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Hi folks, Ive recieved a wealth of info from here in the past regarding learning how to play the sax. So Ive come back seeking more. Im pretty happy with how I play my alto, Im not good enough to play in a band, but still happy with what I can do. I purchased an older tenor "boosey/hawkes" and tried to play it and was having huge problems, so I assumed it needed repad ect. Just got it back from the tech all repadded resprung ect. The issue Im having is when I play D4 it sounds muffled very very muffled. If I play down the scale say c5 b a g f e then d all the note changes sound in tune until I hit the D, then it just sounds wrong, I grabbed a cigarette rolly paper and checked all the pads for leaks but they are all sealing fine. I contacted the tech and asked what could be causing the muffled sound, he said just open up lower c a bit more by trimming the felt pad, but this hasnt achieved anything. Ideas, or is this a problem possibly with me and not the horn, remember never played a tenor before, ideas, love the big horn but dont want to end up getting frustrated with it
Thanks
Steve
 

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Steve, let someone else, preferably a more experienced player, have a go at it with his mouthpiece and then with yours. D4 is problematic on many horns; if altering mouthpieces and reeds doesn't work you (assuming the technical repairs were well executed) could always try using the side D.
 

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My gut reaction to this is to check the octave mechanism. Make sure that the side octave pad is open and the neck octave pad is completely closed. This should be true for D through G#. If the neck octave pad is slightly open, you may only notice it on the D, though.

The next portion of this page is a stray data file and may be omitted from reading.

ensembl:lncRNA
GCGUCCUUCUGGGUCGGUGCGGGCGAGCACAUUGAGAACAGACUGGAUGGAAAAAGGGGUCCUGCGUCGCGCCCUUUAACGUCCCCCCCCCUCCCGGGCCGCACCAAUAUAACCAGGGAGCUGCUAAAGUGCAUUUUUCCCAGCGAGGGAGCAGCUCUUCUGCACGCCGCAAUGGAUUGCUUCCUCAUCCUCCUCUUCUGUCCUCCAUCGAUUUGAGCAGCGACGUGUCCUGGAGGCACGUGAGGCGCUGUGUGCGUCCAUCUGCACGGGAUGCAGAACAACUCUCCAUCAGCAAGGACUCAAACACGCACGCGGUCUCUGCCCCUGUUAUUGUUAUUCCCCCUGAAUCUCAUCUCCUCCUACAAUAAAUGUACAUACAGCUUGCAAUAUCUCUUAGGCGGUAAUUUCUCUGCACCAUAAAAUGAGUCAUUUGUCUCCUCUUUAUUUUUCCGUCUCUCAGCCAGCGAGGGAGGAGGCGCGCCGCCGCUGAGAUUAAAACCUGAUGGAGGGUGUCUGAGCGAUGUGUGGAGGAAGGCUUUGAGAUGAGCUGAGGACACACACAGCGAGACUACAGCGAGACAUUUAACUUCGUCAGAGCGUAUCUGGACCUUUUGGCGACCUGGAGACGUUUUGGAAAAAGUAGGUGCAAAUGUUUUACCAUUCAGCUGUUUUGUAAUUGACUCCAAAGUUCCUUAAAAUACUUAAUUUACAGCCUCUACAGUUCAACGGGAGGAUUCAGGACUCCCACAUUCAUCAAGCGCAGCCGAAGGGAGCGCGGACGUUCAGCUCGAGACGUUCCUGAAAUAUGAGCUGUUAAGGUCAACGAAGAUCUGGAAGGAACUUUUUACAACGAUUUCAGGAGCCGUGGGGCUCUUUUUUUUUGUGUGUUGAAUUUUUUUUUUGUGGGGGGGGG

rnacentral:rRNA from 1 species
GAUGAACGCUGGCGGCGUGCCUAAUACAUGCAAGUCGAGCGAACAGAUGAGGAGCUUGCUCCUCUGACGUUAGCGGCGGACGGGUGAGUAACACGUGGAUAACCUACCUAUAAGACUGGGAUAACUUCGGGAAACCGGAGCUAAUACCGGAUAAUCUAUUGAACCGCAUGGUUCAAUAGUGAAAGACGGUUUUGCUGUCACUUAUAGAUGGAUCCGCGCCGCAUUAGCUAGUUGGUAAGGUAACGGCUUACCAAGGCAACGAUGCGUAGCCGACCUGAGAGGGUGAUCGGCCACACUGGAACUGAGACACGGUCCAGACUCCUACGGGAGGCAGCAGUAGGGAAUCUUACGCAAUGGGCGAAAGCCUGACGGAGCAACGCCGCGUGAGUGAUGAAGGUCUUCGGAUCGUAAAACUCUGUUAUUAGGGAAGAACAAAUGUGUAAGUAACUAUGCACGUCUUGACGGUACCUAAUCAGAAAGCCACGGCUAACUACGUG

To check, finger a G with the octave key depressed. Then finger an A. You should see the octave mechanism switch from one pad to the other. Just make sure the neck pad is closing all the way, and be sure to push your G finger down as hard as you normally do when you play. Sometimes a little extra squeeze with that finger is enough to pop the neck octave pad open slightly.

Or it could be something entirely different, of course. :scratch:
 

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Discussion Starter #4
Thanks for the info guys, yep the neck octave is switching over just fine, I know what your talking about there. Gonna try and find someone to give it a go for me, and see what they think
Steve
 

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Some notes on some horns will play less/more open than others. Do long tones on your problem notes and that will help the intonation of the note.
 

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Mouthpiece?

I can get down there with my more open tipped pieces, but for me there is not a hope in hell with a C** of getting below C4. Its either muffled or jumps up the octave on the overtone.

Has anyone else tried it? I doubt the tech would have sent it out without playing it, so Im guessing its not the horn alone.

I have experienced a similar thing with mouthpiece choices on alto, but for me, coming from alto to tenor the very lowest notes are harder to hit consistently on the tenor anyway...maybe something to do with needing a more relaxed embouchure I expect.
 

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Canadiain said:
I have experienced a similar thing with mouthpiece choices on alto, but for me, coming from alto to tenor the very lowest notes are harder to hit consistently on the tenor anyway...maybe something to do with needing a more relaxed embouchure I expect.
My experience exactly. I want to pinch the lower notes too much. My "alto" embouchure is too tight. If I consciously loosen up the low notes come out fine but any minor tightening of the embouchure will pop Bb and B up an octave. Old habits die hard. Good luck!
 

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However, even with the best will and the most relaxed embouchure I can muster, nothing low is coming out easily with a S80 C**, the mouthpiece in that case is also a limiting factor... A more open piece and they pop out OK.
 

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Oops, I read that in your earlier post and still I failed to mention that my mpc has a tip opening of 0.100" so it's the first tenor mpc and most open mpc I've ever used.

Sounds like the Selmer mpc just doesn't like you, your axe, and the horse you rode in on! :D